Like you, I felt ill when I learned that the Jensen brothers were to be charged criminally with misdemeanors. Like you, I know that these growers — like all growers — certainly never wanted anyone to become sick from eating their fresh produce.
It happened, though. Cantaloupe tainted with Listeria entered the marketplace from Colorado-based Jensen Farms in 2011. Later that year FDA determined that it was the Jensens’ cantaloupe that caused more than 140 people to get sick and 33 people to die.
While attending the United Fresh Washington Public Policy Conference in October, which took place the week after the news about the Jensens broke, I had an opportunity to ask some of the attendees their thoughts on the matter. Charles Hall, executive director of the Georgia Fruit & Vegetable Growers Association, said: “It raises awareness in the industry on what federal prosecutors can do under FDA law.”
To date, however, there have been not been many criminal charges involving contaminated food. In fact, food safety lawyer Bill Marler told me he has seen very few prosecutions in the last 20 years, but in the Jensens’ case, 33 people died and that simply could not be ignored by the U.S. Attorneys office.
Should all of the responsibility fall on the shoulders of the grower? Marler said the entire chain has some culpability.
He is right. More than the Jensen brothers were involved, and no matter how you feel about the criminal charges being brought against them in the first place and the dangerous precendent being set as a result, the responsibility should be shared. (Meister’s Content Director Jim Sulecki offers his take on the situation at http://bit.ly/19afhm4.)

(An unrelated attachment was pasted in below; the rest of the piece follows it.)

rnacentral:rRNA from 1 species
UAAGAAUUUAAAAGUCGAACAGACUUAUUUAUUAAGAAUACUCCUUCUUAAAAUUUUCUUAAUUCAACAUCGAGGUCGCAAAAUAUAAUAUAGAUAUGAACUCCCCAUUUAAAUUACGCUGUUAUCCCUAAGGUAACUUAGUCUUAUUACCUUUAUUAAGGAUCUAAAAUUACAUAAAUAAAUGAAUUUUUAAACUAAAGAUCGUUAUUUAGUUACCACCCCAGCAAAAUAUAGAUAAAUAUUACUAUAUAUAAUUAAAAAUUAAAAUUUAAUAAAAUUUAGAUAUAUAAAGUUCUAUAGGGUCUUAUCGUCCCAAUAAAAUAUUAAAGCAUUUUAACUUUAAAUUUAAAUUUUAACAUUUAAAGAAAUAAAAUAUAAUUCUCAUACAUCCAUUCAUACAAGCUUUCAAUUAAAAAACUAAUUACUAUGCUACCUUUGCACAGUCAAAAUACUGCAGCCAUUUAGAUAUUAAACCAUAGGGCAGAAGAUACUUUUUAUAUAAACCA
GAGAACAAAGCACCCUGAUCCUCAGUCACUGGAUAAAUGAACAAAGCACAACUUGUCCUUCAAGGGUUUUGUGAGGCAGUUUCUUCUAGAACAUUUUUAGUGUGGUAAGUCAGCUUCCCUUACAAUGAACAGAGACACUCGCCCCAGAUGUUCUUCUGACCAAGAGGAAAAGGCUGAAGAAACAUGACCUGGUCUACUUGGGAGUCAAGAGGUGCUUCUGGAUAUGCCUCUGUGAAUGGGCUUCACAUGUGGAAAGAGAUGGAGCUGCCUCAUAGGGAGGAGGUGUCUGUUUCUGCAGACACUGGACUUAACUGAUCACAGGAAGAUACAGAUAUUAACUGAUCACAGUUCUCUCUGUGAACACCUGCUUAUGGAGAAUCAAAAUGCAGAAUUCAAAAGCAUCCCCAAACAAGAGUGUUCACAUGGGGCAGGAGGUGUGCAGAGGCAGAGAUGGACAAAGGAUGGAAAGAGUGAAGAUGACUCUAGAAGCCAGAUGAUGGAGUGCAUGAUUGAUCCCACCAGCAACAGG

The “sharing” may be coming as the Jensens now plan to sue the auditor involved. In the end, though, none of this will help growers in their efforts to be on the cutting edge of food safety, which is where they need to be.
As the fallout from the Jensen case has been extensively covered on our website, GrowingProduce.com, many comments have been made, with one saying the result “will be the demise of all fruit and vegetable farming.” That’s the last thing that should happen.
Our goal is to keep you informed on what is transpiring surrounding this case — and what it means for you — as well as provide you with the information you need to move forward in the area of food safety. American Vegetable Grower and sister publications, American Fruit Grower and Florida Grower want to make it very clear when a food safety topic is the focus of an article in a magazine, online, or in one of our eNewsletters. The new Food Safety icon, shown above, is designed to do just that. You will know at a glance what topic the article is discussing.
After all, the world needs you to continue providing nutritious produce. Our health depends on it.